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The making of Tournament 6: In JP Morgan's footsteps

Updated Friday, 6th April 2007

The Timewatch Team goes transatlantic.

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Monday 2 April

At 8 we RV (rendezvous/meet) with the crew and head for the Morgan Library and Museum in Manhattan, the home of the only surviving copy of the 13th Century biography of William Marshal. The staff of the museum couldn't be nicer, and let us film in the legendary JP. Morgan's suite of rooms, including his study, library and strong room.

They draw the line when Dom asks if he can shoot me coming through the main door. It's locked, they tell us, and as the last person to use it was Gianni Versace I'm not about to insist. Instead I'm filmed chatting to Bill Voelkle, the museum's curator, about the significance of the biography.

Bill is bemused (as rookies often are) by the number of times we have to film each sequence (to cover all the angles), but remains cheerfully cooperative nonetheless. That done, I do three pieces-to-camera (PTCs), one very long which, sleep deprived as I am, I find hard to remember. I get it in the end and we troop out for lunch in a typical NY diner.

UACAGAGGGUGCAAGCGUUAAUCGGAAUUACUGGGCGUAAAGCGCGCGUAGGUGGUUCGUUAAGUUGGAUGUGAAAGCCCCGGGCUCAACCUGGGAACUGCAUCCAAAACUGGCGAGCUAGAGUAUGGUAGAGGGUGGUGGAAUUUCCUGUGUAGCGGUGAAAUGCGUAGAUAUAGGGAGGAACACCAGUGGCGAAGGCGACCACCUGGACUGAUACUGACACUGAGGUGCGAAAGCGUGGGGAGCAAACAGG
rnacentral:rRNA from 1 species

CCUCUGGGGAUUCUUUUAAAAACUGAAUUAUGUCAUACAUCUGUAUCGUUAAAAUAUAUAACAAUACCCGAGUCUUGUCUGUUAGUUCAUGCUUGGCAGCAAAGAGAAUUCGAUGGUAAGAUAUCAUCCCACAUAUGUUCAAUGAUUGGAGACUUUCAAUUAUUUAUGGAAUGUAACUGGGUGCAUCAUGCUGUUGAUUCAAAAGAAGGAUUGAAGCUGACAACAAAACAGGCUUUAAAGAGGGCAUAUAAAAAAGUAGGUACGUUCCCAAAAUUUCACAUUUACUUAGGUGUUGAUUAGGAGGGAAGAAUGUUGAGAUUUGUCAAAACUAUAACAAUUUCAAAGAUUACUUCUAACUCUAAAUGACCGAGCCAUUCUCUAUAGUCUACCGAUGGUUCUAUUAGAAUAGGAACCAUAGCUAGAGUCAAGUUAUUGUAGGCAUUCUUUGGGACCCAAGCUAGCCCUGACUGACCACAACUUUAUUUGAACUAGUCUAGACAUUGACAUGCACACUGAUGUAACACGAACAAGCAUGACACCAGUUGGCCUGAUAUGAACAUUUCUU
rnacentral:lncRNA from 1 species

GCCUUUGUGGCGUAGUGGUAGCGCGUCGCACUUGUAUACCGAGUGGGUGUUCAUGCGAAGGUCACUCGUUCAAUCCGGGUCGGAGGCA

JP Morgan [Image: An earlier shot of Morgan published in The World's Work, 1908] Copyrighted  image Icon Copyright: Public domain
An early shot of Morgan published in The World's Work, 1908

After lunch we flag down a yellow NY taxi and ask him if, for a price, he minds us filming in the back. He agrees, and we do a couple of PTCs with Dom as sound man (here's no room for Greg).

We also spend a few minutes rigging a smaller camera on the bonnet of the cab to get some windscreen shots of NY's skyline. Then it's back to the hotel to pick-up our luggage and on to the airport. Fortunately the flight is half empty and we both get a row of four seats. I sleep most of the way.

Tuesday 3 April

The flight lands at 10 a.m. (an hour late) and, after the usual delay trying to find our BBC driver, I drop off my bags in Ladbroke Grove and continue on to the West End. Dom says he's going to get a couple of hours sleep, but I don't have time.

I'm due to sign copies of my new paperback, Victoria's Wars: The Rise of Empire, at bookshops all over West London and arrive half an hour late. No matter. The shops seem to have plenty of copies, and say it's selling well. Later I attend a book party in the city, but with an early start I leave at 11 and am in bed by 12.

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